AdSoc Blog Competition: Shaken and potentially stirred, the death of the celebrity

Throughout history, events have manifested themselves not solely through human agency, but through social processes. As a University student, take career paths for instance. Although, every James mcFinance, Sarah mcLaw, or Peter McAccountancy (less good, I’ll admit) believes that their career path is determined solely by their own actions, social science can predict with near computational-like accuracy that 30% will go into finance, 20% into Law and 15% in Accountancy and so on and so forth in any given community. Take a more nuanced historical example therefore, the rise of Nazism and the Extermination of the European Jews. Although certainly led by Hitler, did not materialize through any teleological plan of the Furher, but came about through instilling Nazi policy into the body politic, the Volk. This positive concept of bringing society together in the Volk through the negative idea of anti-semitism was central to the success of Nazi Policy. It was a subterranean, social process, as much as being driven by the political actions of German leaders.

Today’s modern media and digital age has shaken advertising. Online is on the money. With computer screens and 4G mobile phones, the click-of-a-button era has never been so commanding. The social and cultural impact of Twitter, Facebook and even the DailyMail online have long been talked and written about. A-to-Z-list celebrities all have pages, updating us daily, even hourly, on their every movement. However, need this cyber arms race continue? Need it be the way forward for advertising agencies to tap in to? Whilst, of course a large amount of people may be driven by action, opinions, or even clothes of celebrities of national figureheads, is this really how society works? If human actions are less fundamental to how society works and prospers than the underlying trends that unite the people, should marketing really not try and find this social sub-conscious?

Here are a few examples where the celebrity-brand combo may not have hit the nail-on-the-head…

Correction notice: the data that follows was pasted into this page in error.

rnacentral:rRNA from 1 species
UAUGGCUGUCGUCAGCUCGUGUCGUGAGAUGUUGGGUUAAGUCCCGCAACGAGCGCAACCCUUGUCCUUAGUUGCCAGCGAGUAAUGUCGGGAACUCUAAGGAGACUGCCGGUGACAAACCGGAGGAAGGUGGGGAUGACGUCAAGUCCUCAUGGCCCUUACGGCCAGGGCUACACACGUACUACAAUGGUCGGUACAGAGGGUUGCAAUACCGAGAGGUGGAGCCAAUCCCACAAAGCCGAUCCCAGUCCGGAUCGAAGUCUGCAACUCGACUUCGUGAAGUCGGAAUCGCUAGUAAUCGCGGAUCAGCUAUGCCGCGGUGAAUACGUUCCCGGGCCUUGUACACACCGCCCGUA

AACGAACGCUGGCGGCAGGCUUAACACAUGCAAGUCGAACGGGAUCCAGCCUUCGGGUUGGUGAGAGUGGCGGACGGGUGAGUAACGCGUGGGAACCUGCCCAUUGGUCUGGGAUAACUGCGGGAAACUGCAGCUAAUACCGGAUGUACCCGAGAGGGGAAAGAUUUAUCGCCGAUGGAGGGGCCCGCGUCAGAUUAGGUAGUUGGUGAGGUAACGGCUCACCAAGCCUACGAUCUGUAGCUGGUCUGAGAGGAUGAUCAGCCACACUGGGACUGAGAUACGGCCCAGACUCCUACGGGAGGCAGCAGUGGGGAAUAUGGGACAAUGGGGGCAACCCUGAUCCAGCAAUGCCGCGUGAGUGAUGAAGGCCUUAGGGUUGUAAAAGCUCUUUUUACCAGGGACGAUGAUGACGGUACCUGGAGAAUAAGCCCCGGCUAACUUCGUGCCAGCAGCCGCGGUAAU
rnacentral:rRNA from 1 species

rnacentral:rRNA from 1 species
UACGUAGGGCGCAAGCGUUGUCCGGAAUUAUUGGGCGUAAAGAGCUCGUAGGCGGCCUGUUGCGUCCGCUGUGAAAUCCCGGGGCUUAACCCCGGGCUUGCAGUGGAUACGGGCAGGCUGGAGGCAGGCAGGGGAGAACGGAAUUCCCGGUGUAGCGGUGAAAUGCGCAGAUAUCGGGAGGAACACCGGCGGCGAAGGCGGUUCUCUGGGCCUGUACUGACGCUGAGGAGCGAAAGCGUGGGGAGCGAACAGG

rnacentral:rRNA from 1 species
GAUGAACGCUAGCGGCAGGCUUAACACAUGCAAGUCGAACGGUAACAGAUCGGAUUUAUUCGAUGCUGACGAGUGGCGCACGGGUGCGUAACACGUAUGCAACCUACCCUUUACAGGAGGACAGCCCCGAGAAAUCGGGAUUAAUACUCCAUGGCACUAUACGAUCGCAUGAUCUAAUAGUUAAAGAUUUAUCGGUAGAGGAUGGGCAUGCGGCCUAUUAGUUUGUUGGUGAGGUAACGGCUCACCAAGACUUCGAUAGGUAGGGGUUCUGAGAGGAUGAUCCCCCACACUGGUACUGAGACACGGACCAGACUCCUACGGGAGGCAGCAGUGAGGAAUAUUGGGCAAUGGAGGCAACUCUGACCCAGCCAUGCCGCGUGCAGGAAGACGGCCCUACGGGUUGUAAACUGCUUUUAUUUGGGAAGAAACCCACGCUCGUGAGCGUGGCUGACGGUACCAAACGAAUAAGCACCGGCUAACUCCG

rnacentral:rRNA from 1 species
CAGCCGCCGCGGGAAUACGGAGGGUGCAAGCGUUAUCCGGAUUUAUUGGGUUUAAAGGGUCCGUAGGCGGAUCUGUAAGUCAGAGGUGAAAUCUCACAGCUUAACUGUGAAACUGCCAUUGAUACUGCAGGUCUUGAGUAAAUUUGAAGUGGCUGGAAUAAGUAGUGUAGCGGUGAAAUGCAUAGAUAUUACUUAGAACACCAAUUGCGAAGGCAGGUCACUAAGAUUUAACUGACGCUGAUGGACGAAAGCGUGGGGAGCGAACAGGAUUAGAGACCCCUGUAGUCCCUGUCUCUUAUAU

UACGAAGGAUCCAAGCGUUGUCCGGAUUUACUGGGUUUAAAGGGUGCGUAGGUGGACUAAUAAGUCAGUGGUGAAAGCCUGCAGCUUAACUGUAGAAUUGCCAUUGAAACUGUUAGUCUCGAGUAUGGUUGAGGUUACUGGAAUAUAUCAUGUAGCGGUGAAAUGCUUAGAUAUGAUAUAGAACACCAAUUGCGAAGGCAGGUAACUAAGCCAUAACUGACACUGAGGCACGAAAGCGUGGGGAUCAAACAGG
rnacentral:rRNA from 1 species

Now listen, I am the first guy to laugh at a tongue-in-cheek celebrity commercial. And I also recognize the hilarity in an appallingly dressed Bruce Willis singing into a wine cooler, or the former Russian Tsar, Gorbachev, advertising stuffed-crust, or even the shameless Mr.T (yes, you are right in remembering him from the semi-recent snicker adverts too..) advertising some kind of oven/alien contraption. However, for the majority of these, they are unintentionally, only brilliant now.

So, if the celebrity doesn’t sell anymore, then what truly does? Here’s three of not just my own, but I’m sure the nations favourite..


Now what do a brother and sister moving their eyebrows to electro music, a gorilla playing the drums, and an awkward phone conversation of a guy in the public loos have in common? Maybe it’s that they all resemble celebs (the gorilla is imitating the famous Phil Collins drum solo, the two children are on the set of some kind of photo/video shoot, and the guy on the phone to the other guy in the loo could/should be in the in-betweeners)? I don’t think so however…

It’s more likely just the ridiculous, random and almost completely irrelevant nature of the advert-to-brand combo that makes it hilarious. Whilst Keanu Reeve’s selling cornflakes will always have an appeal to me, the celebrity as the advertising centrepiece does not ring true anymore for modern society. Of course, tag-lines, such as Bond’s in the title of this blog, strengthen a brand. But this need not include a celebrity. Marketing has to tap into the social trends that unify society. So popular are they that a follow-up video has received nearly 50 million views. Concepts like ‘ridiculousness’ or ‘random’ are equally as important as Rihanna, because they make things ‘remarkable’ – or in other words, shareable.